According to Gerta Keller (Princeton), the meteor that formed the Chicxulub Crater in the Yucatan was not responsible for wiping out the dinosaurs. It was smaller than previously believed, and came 300,000 years too early. According to her research, that impact does not coincide with the K-T boundary, and it was too small to kill even small organisms like foraminifera. She thinks worldwide volcanism and a series of impacts did the job.
These views have not made Keller a popular figure at meteorite impact meetings, says EurekAlert. But the idea that a single impact caused a worldwide mass extinction 65 million years ago has been taking a beating by more and more very renowned scientists, the article claims. More detail can be found at the Princeton Weekly Bulletin.
This makes the final episode of Walking With Dinosaurs obsolete. Wonder what the BBC animators think? It was a fun story, while it lasted.Radiocarbon Found in Ancient Coal 09/25/2003
Dr. John Baumgardner reported finding carbon-14 still ticking in coal samples that should be radiocarbon-dead. Because carbon-14 has a short half life of 5730 years, it rapidly decays, such that after 20 half-lives (114,700 years) carbon-12 would outnumber carbon-14 atoms a million to one. After 1.5 million years, if one had started with a pile of carbon-14 equal to the mass of the entire universe, not a single carbon-14 atom would be left. Therefore, carbon-14 should be totally absent in samples far younger than a million years old.
Baumgardner and a team from the Institute for Creation Research involved in studying radiometric dating methods submitted 10 samples of coal from three different geological periods (Eocene, Cretaceous and Pennsylvanian) to a leading radiocarbon dating laboratory, which uses the highly accurate accelerator mass spectrometer (AMS) method. The samples measured 0.21 to 0.27 percent modern carbon (pmc), indicating they cannot be older than 50,000 years, and possibly much younger, even though according to the geologic column, the periods tested are assumed to range around 50 million, 100 million and 300 million years old, respectively. The measured values fall squarely within the range already established in the peer-reviewed radiocarbon literature, says Baumgardner, and show little difference in 14C level as a function of position in the geological record.
Source: ICR Impact #364, October 2003.
Critics will undoubtedly complain that these creationists have an ulterior motive for questioning the old age of the earth, but doesnt that criticism cut both ways? Are the motives of Darwinians pure as the wind-driven snow? Can we not brush aside the motive-bashing and just look at the facts? Its the quality of the research that matters.Teeny Changes in Bees, Fruit Flies: Is This Evolution? 09/23/2003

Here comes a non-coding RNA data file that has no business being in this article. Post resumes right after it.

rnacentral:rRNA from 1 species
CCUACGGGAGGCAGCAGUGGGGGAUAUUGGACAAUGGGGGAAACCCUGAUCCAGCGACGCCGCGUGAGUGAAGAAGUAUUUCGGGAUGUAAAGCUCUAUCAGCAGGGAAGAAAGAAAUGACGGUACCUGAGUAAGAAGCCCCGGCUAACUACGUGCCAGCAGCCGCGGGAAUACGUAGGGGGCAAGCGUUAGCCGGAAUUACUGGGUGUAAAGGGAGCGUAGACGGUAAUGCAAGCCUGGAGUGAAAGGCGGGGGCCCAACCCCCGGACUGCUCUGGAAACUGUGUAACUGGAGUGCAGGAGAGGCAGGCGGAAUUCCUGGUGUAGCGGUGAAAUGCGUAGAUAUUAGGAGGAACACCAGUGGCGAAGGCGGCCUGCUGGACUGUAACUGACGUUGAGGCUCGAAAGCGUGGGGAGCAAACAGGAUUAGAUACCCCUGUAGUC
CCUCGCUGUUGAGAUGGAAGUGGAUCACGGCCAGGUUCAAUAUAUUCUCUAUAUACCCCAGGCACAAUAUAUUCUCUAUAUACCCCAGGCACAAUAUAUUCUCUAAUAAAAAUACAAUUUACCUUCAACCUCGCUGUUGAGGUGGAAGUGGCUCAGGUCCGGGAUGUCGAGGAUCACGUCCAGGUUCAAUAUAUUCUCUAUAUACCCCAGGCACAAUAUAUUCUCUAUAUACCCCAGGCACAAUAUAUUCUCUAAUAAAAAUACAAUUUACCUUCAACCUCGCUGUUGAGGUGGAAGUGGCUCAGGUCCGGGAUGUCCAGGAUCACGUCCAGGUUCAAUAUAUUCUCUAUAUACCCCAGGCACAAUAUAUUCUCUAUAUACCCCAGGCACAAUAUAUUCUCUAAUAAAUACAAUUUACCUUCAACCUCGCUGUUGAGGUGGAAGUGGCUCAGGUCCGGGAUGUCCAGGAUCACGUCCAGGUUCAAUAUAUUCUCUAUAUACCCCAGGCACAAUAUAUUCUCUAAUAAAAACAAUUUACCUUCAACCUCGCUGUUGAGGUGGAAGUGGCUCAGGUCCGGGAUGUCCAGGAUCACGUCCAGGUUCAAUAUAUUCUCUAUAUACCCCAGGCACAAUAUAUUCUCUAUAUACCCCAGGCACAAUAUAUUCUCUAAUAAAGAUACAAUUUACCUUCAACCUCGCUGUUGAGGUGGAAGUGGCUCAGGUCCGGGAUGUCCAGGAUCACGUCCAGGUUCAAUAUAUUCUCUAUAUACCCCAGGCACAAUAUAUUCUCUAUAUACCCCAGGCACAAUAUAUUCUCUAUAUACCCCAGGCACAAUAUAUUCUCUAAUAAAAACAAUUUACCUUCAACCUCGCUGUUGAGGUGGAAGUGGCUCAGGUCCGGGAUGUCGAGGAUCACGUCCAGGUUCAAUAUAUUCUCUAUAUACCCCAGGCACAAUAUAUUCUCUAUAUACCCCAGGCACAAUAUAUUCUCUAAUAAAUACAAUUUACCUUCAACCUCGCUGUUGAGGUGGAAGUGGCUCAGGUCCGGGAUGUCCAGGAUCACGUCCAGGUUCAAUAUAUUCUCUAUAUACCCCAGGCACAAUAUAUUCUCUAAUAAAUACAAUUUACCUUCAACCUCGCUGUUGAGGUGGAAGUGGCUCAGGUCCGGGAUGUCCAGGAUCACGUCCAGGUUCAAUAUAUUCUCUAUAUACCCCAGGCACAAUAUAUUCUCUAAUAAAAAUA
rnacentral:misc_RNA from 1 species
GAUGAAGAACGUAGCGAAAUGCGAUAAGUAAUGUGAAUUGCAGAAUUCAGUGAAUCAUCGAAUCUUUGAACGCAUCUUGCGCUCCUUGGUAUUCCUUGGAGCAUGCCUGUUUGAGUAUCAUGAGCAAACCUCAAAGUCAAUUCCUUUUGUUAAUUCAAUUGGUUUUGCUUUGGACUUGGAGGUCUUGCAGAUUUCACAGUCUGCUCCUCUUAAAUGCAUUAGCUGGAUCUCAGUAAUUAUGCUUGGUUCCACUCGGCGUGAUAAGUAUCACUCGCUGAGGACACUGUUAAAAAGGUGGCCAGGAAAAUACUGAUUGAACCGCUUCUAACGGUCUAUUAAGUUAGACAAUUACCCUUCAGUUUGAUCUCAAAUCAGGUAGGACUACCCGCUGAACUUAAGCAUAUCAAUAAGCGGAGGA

Researchers at UC San Diego went to Brazil to study the bees (and maybe some birds, on the side). They wanted to see how bees had evolved the ability to communicate the location of food sources. Honeybees have an elaborate dance they do in the hive that communicates how far away the food source is, what direction it is in relation to the angle of the sun, and how good it is. Some other species leave an odor trail at intervals between the food source and the hive. The scientists found what they feel is an intermediate strategy, in which bees leave an odor trail extending a short distance from the food source. This abbreviated trail may be less conspicuous to foraging competitors, they say. Their work is being published in an upcoming issue of the Royal Society Biology Proceedings.
At Cornell, biologists studied apple maggots, which doesnt sound too appealing, but you do what you have to for science. They compared them with another species that is attracted to hawthorn, and the two types do not interbreed. By extracting the fruit odors and seeing how the flies reacted, they deduced that there is a slight genetic difference that keeps them separate populations, even though they look exactly alike. They feel this is an example of sympatric speciation, in which a species splits into two within the same geographic location. Surprisingly, this split occurred within 150 years, after apple trees were introduced into North America. Apparently some of the hawthorn flies took a liking to the new food source. The work is published in the Sept 22 online preprints of the Proceedings of the National Academy of Sciences1
1Linn et al., Fruit odor discrimination and sympatric host race formation in Rhagoletis, Proceedings of the National Academy of Sciences USA, 10.1073/pnas.1635049100, published online 09/22/2003.
Microevolution, microevolution, all they ever show us is microevolution. The fly paper admits that there is no morphological difference between the two varieties. Theres more morphological difference between a poodle and a beagle, yet both are Canis familiaris, one species. Big deal. The bee keepers did not find anything remotely similar to the complex waggle dance honeybees do. They just found a very minor variation on the odor-trail strategy. Big deal.Neanderthals Interbred with Modern Humans, Ate Same Food 09/23/2003
A jawbone found in a Romanian cave and published in PNAS1 has features that show some degree of hybridisation they are possibly the result of interbreeding between modern humans and Neanderthals, reports BBC News. This is a position that drives a heated debate among scientists, many of whom doubt there was much mixing of the species, the article says. The original paper says it presents a mosaic of archaic, early modern human and possibly Neandertal morphological features, emphasizing both the complex population dynamics of modern human dispersal into Europe and the subsequent morphological evolution of European early modern humans.